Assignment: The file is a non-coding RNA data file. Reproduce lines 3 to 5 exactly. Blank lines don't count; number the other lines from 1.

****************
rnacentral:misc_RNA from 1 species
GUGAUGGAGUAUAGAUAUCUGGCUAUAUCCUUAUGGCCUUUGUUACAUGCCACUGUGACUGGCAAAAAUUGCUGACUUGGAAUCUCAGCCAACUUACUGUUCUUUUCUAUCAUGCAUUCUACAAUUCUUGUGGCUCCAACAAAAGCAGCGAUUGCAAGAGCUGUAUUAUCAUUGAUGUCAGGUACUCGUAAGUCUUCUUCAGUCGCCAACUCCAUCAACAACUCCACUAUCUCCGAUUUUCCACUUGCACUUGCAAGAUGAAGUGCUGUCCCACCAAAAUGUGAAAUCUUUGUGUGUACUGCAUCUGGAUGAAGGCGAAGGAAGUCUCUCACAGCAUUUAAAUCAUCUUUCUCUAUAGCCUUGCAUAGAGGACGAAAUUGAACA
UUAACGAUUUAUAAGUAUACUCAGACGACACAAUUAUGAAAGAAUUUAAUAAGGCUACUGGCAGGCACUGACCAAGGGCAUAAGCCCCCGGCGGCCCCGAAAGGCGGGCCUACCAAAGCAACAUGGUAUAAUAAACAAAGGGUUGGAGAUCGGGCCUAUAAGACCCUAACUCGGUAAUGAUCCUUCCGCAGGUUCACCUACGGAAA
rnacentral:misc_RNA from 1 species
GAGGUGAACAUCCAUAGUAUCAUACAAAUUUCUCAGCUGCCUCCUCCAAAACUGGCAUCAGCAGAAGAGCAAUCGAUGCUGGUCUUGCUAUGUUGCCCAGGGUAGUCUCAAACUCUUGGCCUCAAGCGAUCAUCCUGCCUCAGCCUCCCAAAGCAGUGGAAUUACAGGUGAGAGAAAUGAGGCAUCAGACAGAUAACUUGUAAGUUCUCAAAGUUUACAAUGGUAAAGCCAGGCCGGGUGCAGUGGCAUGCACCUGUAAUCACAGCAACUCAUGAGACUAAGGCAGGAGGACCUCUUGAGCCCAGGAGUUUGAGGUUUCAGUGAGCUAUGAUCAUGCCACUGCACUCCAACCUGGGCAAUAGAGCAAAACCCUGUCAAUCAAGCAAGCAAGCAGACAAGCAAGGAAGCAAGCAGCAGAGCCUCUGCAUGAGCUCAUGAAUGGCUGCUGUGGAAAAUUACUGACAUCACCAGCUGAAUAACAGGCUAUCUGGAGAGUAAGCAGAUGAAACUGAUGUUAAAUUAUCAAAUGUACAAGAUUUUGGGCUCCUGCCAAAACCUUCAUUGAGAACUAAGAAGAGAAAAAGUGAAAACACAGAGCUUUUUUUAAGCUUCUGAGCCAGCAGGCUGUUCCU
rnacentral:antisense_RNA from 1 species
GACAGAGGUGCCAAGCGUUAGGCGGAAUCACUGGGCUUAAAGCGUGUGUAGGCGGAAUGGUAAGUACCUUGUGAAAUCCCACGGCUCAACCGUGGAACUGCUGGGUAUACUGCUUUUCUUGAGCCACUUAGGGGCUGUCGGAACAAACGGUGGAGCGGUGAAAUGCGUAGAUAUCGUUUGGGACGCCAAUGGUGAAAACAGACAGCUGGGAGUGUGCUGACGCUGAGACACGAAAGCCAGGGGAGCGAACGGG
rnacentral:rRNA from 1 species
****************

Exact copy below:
UUAACGAUUUAUAAGUAUACUCAGACGACACAAUUAUGAAAGAAUUUAAUAAGGCUACUGGCAGGCACUGACCAAGGGCAUAAGCCCCCGGCGGCCCCGAAAGGCGGGCCUACCAAAGCAACAUGGUAUAAUAAACAAAGGGUUGGAGAUCGGGCCUAUAAGACCCUAACUCGGUAAUGAUCCUUCCGCAGGUUCACCUACGGAAA
rnacentral:misc_RNA from 1 species
GAGGUGAACAUCCAUAGUAUCAUACAAAUUUCUCAGCUGCCUCCUCCAAAACUGGCAUCAGCAGAAGAGCAAUCGAUGCUGGUCUUGCUAUGUUGCCCAGGGUAGUCUCAAACUCUUGGCCUCAAGCGAUCAUCCUGCCUCAGCCUCCCAAAGCAGUGGAAUUACAGGUGAGAGAAAUGAGGCAUCAGACAGAUAACUUGUAAGUUCUCAAAGUUUACAAUGGUAAAGCCAGGCCGGGUGCAGUGGCAUGCACCUGUAAUCACAGCAACUCAUGAGACUAAGGCAGGAGGACCUCUUGAGCCCAGGAGUUUGAGGUUUCAGUGAGCUAUGAUCAUGCCACUGCACUCCAACCUGGGCAAUAGAGCAAAACCCUGUCAAUCAAGCAAGCAAGCAGACAAGCAAGGAAGCAAGCAGCAGAGCCUCUGCAUGAGCUCAUGAAUGGCUGCUGUGGAAAAUUACUGACAUCACCAGCUGAAUAACAGGCUAUCUGGAGAGUAAGCAGAUGAAACUGAUGUUAAAUUAUCAAAUGUACAAGAUUUUGGGCUCCUGCCAAAACCUUCAUUGAGAACUAAGAAGAGAAAAAGUGAAAACACAGAGCUUUUUUUAAGCUUCUGAGCCAGCAGGCUGUUCCU